Elder, who grew up in Lawrenceville, comes into the position with some experience dealing with the county’s homeless and precariously housed residents. He led Family Promise, which operated the only homeless shelter in the county, for 16 months, leaving at the end of June.

He worked with Gwinnett County’s community development, affordable housing and homeless programs before that.

“I have the utmost confidence in Matt’s abilities and am so encouraged that he’s the one at the helm,” Gerstein said.

Earlier this month, United Way of Great Atlanta Chief Operating Officer Tim Pakenham said, “We are delighted to have the experience of Matt Elder to lead and help us serve the community with this all-important initiative in Gwinnett.”

Elder said a common misconception among the general public is that all homeless people are unemployed, but he said that’s not true at all.

“When I was at Family Promise, more than 60 percent of the families that we brought in had jobs when they came in; they simply didn’t have a job that paid them enough money hourly or full-time to afford to live in Gwinnett,” he said.

A key issue is the availability of affordable housing, of which Gerstein said Gwinnett has little. Elder said the average rent in Gwinnett, according to figures gathered by the U.S. Census Bureau, is $1,063 per month. He did not have data on the average monthly income readily available Friday.

The Census Bureau’s 2016 American Community Service pegged the mean annual household income in Gwinnett at about $80,034.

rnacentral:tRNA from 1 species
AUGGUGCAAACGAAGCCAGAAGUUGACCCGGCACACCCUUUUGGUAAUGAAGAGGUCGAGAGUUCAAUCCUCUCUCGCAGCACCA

Gerstein said there is a balancing act between cost of housing versus the amount of money a person makes to keep in mind.

“The formula that’s supposed to work for households is you’re not supposed to spend more than 30 percent of your income on rent,” Gerstein said.

One of the major projects Elder is trying to get done initially is the creation of a comprehensive plan for addressing homelessness, which he hopes to have completed by the end of the year.

Another project he is focusing on is setting up a place that can serve multiple functions, including offering a shelter, assistance services and assessments of a person or family’s needs. This place could also serve as a sort of clearing house that can point people to agencies and nonprofits that can help with their specific needs.

There are dozens of agencies and organizations in Gwinnett that deal with the homeless and poor, including groups such as Family Promise or Rainbow Village, faith-based organizations, cooperative ministries, the Salvation Army and the Partnership Against Domestic Violence.

Elder plans to work with each of those groups, pulling their resources together to create a unified road map for battling homelessness in the county.

Elder will also work with the Gwinnett Coalition when it does its biannual count of the county’s homelessness for the Department of Community Affairs in January.

“We have to be flexible, we have to be versatile, we have to be lean, mean and ready to adapt as things change, because if the system isn’t adaptable, then it has the potential to fail, and that’s the last thing anybody wants,” Elder said.

I'm a Crawford Long baby who grew up in Marietta and eventually wandered to the University of Southern Mississippi for college. Earned a BA in journalism (double minor in political science and history). Previously worked in Florida and Clayton County.